Historical FiCtion at the Movies (Profits & Catharsis)


Art reflects its own domain, but has a duty not to make things up, at least not out of whole cloth, like this idea, which seems not to be true, that “enhanced interrogation techniques” helped bag Osama bin Laden.

A spoof is one thing, something like The Producers or Blazing Saddles by Mel Brooks or anything by Quentin Tarantino, whom this blogger just happens to despise, or something just plain weird and over the top like Fellini’s Satyricon. Watching Cleopatra, who didn’t know that the movie was “really” about Liz and Richard going at it? But about this recent crop of movies, ones like Zero Dark Thirty or Argo, the ones that pretend to be journalistic, the ones that claim to be true to some historical “reality,” I have nothing to say except these except that I avoid them like the plague.

For me this aversion to historical fiction at the movies began with Life is Beautiful, a film so false to the core of its conceit that to dress it up as art would only be to aggravate the problem. I certainly don’t believe one can ever re-represent history as it really was and to do so without distortion; but it’s always worth the effort to give it a try.

While every representation is subject to distortion, the most reliable distortions are those that are self-aware an self-critical, whose aesthetic decisions are not as determined  by huge sums of money and calculated profit margins.

(That, by the way, might distinguish The Producers from Inglorious Basterds –the size of the profit margin, the surrounding market environment. A 1968 release, The Producers was so near the event it spoofed, that it cut close to the bone. The fact is that The Producers was genuinely schlocky and subversive in ways that Inglorious Basterds or Argo or Zero Dark Thirty are  preternaturally conformist to the forms of intense catharsis that drives a media landscape their creators now “know” down to a tee.)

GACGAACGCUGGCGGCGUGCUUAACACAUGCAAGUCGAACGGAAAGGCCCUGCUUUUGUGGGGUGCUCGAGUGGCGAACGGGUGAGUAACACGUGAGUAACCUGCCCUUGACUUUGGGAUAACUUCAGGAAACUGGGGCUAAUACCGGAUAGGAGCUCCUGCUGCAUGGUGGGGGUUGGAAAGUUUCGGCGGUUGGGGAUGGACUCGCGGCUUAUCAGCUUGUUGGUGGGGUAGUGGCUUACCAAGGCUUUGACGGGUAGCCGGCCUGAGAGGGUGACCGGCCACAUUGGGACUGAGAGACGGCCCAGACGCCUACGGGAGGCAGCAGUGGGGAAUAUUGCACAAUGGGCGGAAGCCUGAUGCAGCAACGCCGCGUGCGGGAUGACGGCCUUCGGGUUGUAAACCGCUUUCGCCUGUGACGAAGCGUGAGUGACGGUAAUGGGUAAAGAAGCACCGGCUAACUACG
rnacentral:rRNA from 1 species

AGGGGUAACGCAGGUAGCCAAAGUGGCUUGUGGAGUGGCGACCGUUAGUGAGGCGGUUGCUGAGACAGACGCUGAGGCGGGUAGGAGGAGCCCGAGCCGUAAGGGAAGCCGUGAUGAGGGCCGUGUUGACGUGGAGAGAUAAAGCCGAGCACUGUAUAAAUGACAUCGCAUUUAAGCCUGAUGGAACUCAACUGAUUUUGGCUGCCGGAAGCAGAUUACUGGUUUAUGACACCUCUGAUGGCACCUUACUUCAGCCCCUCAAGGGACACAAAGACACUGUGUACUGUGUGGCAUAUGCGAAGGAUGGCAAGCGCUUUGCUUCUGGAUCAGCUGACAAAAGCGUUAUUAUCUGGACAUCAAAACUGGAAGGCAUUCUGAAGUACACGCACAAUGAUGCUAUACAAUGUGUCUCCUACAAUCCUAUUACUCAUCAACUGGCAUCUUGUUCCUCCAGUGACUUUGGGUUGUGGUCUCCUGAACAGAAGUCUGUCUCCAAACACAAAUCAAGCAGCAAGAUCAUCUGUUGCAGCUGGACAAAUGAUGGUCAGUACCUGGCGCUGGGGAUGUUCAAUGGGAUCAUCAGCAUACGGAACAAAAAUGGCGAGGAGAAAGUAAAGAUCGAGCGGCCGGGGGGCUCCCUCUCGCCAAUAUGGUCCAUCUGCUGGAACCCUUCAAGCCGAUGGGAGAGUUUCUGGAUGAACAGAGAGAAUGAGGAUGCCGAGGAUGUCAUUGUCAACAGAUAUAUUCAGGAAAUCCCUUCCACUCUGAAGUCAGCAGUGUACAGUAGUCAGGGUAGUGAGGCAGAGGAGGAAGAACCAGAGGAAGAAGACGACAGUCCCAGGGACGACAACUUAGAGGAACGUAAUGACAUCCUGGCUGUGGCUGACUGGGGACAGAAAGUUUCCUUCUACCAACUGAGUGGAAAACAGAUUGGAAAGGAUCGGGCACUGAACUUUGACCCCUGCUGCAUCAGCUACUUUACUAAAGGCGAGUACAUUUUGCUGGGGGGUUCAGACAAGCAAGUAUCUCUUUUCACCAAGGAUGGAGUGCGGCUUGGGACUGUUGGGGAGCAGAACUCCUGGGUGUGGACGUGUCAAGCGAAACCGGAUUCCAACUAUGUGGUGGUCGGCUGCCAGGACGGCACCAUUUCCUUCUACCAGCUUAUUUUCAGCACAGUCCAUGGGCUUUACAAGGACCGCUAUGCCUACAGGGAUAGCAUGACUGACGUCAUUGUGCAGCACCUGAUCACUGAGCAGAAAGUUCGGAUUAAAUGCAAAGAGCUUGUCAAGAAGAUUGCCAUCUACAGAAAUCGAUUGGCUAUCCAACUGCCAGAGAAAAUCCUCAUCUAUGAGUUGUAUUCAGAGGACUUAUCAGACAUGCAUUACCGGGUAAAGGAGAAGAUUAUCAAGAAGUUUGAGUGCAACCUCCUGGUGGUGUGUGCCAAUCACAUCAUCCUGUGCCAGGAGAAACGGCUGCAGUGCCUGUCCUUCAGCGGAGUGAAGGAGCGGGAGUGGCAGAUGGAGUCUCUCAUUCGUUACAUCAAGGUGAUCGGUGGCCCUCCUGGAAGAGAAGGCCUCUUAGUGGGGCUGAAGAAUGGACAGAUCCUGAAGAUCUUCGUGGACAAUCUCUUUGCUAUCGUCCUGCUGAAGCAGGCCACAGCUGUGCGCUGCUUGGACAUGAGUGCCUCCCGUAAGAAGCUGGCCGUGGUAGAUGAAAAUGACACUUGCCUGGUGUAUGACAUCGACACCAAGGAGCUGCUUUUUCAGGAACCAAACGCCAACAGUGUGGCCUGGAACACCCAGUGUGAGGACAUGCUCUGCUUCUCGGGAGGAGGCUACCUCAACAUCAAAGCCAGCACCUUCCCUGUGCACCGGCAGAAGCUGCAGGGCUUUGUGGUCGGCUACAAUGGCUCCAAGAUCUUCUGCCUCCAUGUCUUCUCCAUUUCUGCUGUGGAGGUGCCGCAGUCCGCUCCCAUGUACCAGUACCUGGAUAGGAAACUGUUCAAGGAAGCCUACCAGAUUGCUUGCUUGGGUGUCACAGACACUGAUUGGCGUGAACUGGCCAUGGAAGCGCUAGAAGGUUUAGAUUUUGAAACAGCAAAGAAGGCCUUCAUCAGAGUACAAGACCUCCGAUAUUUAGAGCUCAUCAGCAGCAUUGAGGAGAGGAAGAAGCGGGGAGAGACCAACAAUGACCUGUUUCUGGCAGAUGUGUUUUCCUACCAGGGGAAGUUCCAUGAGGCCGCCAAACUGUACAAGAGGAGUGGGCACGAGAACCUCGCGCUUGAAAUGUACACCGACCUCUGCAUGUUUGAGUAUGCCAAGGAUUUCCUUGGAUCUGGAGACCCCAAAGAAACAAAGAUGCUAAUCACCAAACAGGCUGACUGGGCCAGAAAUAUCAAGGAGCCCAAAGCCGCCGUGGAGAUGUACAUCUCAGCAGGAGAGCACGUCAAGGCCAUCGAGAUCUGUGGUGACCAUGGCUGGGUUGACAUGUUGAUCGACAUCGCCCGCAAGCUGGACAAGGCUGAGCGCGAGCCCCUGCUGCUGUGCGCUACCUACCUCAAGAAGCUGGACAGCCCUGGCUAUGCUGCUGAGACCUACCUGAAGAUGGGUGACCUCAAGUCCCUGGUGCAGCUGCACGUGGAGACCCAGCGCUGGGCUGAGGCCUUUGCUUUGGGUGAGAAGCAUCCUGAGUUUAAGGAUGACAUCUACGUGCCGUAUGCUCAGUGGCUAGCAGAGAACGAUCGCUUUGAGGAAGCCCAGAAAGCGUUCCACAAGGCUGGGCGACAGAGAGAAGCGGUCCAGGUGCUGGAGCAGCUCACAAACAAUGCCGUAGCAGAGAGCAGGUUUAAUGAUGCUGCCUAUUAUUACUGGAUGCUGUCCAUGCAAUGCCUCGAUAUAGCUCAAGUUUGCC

About the convergence of history and blatant lying, see these two articles from the NYT:



The takeaway according to Manohla Dargis and A.O. Scott is that, “[I]nvention remains one of the prerogatives of art and it is, after all, the job of writers, directors and actors to invent counterfeit realities. It is unfair to blame filmmakers if we sometimes confuse the real world with its representations. The truth is that we love movies partly because of their lies, beautiful and not. It’s journalists and politicians who owe us the truth.”  But a counterfeit reality is intended by its producers to take up a position in relation to reality, unlike Monopoly Money, which reflects only the rules of a game’s own invention. The more complex approach is the one taken by Jacques Rancière; it combines the spell of beautiful appearances with sordid truth (The Emancipated Spectator, pp.83-4).

It’s a question of motivations and intended effect. After Mel Brooks, my general rule is to only go to historical re-enactments that make you feel uncomfortable or rotten-bad at the end of the film, not ones that are intended to line someone’s pocket with an inordinate amount of money by making you feel better, happier, purged, or edified. It’s manipulative enough when religion makes you do this. It’s quite another at the movies. I’d rather see a movie that doesn’t ask me to feel anything.

About zjb

Zachary Braiterman is Professor of Religion in the Department of Religion at Syracuse University. His specialization is modern Jewish thought and philosophical aesthetics. http://religion.syr.edu
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